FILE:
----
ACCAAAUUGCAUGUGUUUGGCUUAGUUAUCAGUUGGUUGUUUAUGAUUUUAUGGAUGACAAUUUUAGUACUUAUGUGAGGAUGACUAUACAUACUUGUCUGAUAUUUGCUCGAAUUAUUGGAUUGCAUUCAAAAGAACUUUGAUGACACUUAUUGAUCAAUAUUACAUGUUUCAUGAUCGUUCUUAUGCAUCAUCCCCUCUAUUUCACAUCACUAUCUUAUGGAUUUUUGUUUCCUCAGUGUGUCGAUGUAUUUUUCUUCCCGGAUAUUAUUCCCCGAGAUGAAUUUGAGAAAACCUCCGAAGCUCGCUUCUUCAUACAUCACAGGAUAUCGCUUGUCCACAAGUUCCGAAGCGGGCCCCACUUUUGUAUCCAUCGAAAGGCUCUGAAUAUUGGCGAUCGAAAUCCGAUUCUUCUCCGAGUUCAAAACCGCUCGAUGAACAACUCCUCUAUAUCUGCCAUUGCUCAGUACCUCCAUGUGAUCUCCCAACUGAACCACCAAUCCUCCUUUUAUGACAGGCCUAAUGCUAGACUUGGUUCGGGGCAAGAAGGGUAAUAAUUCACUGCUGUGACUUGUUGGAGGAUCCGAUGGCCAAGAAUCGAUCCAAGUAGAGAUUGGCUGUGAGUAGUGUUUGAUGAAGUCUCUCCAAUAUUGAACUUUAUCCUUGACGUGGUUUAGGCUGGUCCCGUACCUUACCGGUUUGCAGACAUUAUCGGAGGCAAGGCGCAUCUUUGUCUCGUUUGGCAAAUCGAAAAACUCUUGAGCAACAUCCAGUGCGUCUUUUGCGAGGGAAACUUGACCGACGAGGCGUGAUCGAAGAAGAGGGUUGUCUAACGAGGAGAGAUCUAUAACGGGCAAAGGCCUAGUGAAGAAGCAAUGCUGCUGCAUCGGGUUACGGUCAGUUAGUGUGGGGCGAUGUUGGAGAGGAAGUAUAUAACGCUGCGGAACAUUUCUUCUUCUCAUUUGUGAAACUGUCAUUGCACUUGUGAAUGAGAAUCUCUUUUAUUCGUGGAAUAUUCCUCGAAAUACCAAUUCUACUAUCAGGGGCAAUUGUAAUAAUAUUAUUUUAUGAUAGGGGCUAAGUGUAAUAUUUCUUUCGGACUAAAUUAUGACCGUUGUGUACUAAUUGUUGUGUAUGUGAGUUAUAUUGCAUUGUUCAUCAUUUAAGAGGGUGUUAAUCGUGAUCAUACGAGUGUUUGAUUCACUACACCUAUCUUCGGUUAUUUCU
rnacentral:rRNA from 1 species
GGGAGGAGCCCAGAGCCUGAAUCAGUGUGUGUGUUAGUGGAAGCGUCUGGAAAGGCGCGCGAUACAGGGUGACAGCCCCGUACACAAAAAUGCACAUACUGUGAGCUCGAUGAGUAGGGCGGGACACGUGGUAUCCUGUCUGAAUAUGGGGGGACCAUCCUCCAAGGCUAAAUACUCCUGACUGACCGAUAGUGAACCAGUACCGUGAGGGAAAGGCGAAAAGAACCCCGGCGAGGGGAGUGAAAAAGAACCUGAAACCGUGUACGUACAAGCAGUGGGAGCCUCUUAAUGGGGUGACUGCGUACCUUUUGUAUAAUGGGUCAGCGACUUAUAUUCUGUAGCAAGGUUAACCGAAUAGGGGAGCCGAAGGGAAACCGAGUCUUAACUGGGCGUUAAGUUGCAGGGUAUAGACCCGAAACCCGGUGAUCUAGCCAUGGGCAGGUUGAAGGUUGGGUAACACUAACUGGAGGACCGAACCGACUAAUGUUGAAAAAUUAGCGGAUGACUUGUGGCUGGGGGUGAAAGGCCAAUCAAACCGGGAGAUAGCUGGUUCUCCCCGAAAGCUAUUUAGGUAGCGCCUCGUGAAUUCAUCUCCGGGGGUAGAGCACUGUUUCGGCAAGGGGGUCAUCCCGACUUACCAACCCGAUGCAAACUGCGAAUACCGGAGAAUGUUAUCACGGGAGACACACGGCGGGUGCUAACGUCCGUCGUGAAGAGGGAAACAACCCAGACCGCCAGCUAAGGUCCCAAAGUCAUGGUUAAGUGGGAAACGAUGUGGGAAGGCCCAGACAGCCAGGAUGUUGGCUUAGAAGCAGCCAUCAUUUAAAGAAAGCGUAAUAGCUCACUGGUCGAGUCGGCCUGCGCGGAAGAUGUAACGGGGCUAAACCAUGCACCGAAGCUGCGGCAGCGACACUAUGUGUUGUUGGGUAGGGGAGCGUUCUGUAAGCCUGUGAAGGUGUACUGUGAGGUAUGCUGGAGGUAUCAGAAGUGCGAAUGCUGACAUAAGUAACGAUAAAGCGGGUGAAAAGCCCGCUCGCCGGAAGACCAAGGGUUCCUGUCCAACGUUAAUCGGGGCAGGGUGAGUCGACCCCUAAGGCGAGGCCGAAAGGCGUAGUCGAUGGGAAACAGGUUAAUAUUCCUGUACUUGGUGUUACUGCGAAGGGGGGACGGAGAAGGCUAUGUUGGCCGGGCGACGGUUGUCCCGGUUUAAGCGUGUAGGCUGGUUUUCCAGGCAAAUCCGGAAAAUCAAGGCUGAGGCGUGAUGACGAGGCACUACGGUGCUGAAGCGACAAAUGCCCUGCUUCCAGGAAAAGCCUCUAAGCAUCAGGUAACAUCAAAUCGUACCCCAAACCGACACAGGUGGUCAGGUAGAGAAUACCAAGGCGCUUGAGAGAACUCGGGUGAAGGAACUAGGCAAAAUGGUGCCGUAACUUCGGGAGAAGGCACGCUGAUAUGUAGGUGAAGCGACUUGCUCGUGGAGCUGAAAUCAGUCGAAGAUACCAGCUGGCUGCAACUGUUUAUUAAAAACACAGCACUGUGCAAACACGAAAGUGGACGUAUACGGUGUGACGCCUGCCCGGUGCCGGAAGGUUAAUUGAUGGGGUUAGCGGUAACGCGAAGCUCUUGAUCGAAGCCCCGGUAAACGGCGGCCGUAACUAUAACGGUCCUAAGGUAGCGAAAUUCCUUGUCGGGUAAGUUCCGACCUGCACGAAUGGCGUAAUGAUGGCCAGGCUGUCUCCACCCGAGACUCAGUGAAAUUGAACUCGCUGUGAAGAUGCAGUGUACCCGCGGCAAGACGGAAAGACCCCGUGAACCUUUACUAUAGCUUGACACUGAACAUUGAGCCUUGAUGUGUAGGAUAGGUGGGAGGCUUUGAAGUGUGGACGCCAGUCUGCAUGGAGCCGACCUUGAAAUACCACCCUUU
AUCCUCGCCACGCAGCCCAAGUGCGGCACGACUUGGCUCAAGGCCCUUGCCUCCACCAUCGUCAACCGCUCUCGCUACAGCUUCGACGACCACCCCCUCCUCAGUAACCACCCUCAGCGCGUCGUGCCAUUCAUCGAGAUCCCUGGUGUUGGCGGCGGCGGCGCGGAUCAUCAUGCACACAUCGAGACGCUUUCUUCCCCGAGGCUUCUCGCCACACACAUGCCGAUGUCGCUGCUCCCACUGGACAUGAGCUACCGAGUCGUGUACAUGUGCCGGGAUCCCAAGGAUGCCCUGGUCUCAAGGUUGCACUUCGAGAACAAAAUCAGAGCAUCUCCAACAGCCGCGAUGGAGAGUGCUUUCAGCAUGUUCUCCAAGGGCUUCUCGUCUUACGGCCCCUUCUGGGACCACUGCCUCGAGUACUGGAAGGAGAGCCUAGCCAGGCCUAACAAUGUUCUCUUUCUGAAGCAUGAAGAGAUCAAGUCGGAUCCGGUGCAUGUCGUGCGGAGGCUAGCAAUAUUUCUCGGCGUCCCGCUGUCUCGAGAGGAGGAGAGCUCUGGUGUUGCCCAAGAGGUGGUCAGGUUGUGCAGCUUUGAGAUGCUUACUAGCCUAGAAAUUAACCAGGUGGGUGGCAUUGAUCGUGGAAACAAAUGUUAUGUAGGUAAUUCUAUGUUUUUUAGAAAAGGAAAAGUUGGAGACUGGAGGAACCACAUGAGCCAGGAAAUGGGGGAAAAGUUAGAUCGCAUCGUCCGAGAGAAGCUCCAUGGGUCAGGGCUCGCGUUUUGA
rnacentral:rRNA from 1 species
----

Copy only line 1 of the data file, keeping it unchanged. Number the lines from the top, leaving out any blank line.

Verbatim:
ACCAAAUUGCAUGUGUUUGGCUUAGUUAUCAGUUGGUUGUUUAUGAUUUUAUGGAUGACAAUUUUAGUACUUAUGUGAGGAUGACUAUACAUACUUGUCUGAUAUUUGCUCGAAUUAUUGGAUUGCAUUCAAAAGAACUUUGAUGACACUUAUUGAUCAAUAUUACAUGUUUCAUGAUCGUUCUUAUGCAUCAUCCCCUCUAUUUCACAUCACUAUCUUAUGGAUUUUUGUUUCCUCAGUGUGUCGAUGUAUUUUUCUUCCCGGAUAUUAUUCCCCGAGAUGAAUUUGAGAAAACCUCCGAAGCUCGCUUCUUCAUACAUCACAGGAUAUCGCUUGUCCACAAGUUCCGAAGCGGGCCCCACUUUUGUAUCCAUCGAAAGGCUCUGAAUAUUGGCGAUCGAAAUCCGAUUCUUCUCCGAGUUCAAAACCGCUCGAUGAACAACUCCUCUAUAUCUGCCAUUGCUCAGUACCUCCAUGUGAUCUCCCAACUGAACCACCAAUCCUCCUUUUAUGACAGGCCUAAUGCUAGACUUGGUUCGGGGCAAGAAGGGUAAUAAUUCACUGCUGUGACUUGUUGGAGGAUCCGAUGGCCAAGAAUCGAUCCAAGUAGAGAUUGGCUGUGAGUAGUGUUUGAUGAAGUCUCUCCAAUAUUGAACUUUAUCCUUGACGUGGUUUAGGCUGGUCCCGUACCUUACCGGUUUGCAGACAUUAUCGGAGGCAAGGCGCAUCUUUGUCUCGUUUGGCAAAUCGAAAAACUCUUGAGCAACAUCCAGUGCGUCUUUUGCGAGGGAAACUUGACCGACGAGGCGUGAUCGAAGAAGAGGGUUGUCUAACGAGGAGAGAUCUAUAACGGGCAAAGGCCUAGUGAAGAAGCAAUGCUGCUGCAUCGGGUUACGGUCAGUUAGUGUGGGGCGAUGUUGGAGAGGAAGUAUAUAACGCUGCGGAACAUUUCUUCUUCUCAUUUGUGAAACUGUCAUUGCACUUGUGAAUGAGAAUCUCUUUUAUUCGUGGAAUAUUCCUCGAAAUACCAAUUCUACUAUCAGGGGCAAUUGUAAUAAUAUUAUUUUAUGAUAGGGGCUAAGUGUAAUAUUUCUUUCGGACUAAAUUAUGACCGUUGUGUACUAAUUGUUGUGUAUGUGAGUUAUAUUGCAUUGUUCAUCAUUUAAGAGGGUGUUAAUCGUGAUCAUACGAGUGUUUGAUUCACUACACCUAUCUUCGGUUAUUUCU